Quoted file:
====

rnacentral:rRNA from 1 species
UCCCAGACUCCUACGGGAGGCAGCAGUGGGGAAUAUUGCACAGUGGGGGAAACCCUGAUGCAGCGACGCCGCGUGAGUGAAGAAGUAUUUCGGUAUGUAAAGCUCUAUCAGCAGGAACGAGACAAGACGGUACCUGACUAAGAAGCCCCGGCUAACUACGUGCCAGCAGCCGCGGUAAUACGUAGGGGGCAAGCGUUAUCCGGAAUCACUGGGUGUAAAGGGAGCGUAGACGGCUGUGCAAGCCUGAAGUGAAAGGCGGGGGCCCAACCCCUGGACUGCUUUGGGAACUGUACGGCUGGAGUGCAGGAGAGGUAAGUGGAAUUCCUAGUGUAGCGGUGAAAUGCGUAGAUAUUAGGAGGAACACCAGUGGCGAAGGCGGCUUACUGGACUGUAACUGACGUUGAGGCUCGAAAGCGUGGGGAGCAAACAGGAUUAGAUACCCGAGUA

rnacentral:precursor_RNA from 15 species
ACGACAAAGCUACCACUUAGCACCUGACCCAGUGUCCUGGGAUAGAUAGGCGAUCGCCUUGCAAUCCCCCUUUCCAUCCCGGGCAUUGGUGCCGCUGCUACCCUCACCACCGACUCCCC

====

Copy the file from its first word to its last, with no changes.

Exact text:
rnacentral:rRNA from 1 species
UCCCAGACUCCUACGGGAGGCAGCAGUGGGGAAUAUUGCACAGUGGGGGAAACCCUGAUGCAGCGACGCCGCGUGAGUGAAGAAGUAUUUCGGUAUGUAAAGCUCUAUCAGCAGGAACGAGACAAGACGGUACCUGACUAAGAAGCCCCGGCUAACUACGUGCCAGCAGCCGCGGUAAUACGUAGGGGGCAAGCGUUAUCCGGAAUCACUGGGUGUAAAGGGAGCGUAGACGGCUGUGCAAGCCUGAAGUGAAAGGCGGGGGCCCAACCCCUGGACUGCUUUGGGAACUGUACGGCUGGAGUGCAGGAGAGGUAAGUGGAAUUCCUAGUGUAGCGGUGAAAUGCGUAGAUAUUAGGAGGAACACCAGUGGCGAAGGCGGCUUACUGGACUGUAACUGACGUUGAGGCUCGAAAGCGUGGGGAGCAAACAGGAUUAGAUACCCGAGUA

rnacentral:precursor_RNA from 15 species
ACGACAAAGCUACCACUUAGCACCUGACCCAGUGUCCUGGGAUAGAUAGGCGAUCGCCUUGCAAUCCCCCUUUCCAUCCCGGGCAUUGGUGCCGCUGCUACCCUCACCACCGACUCCCC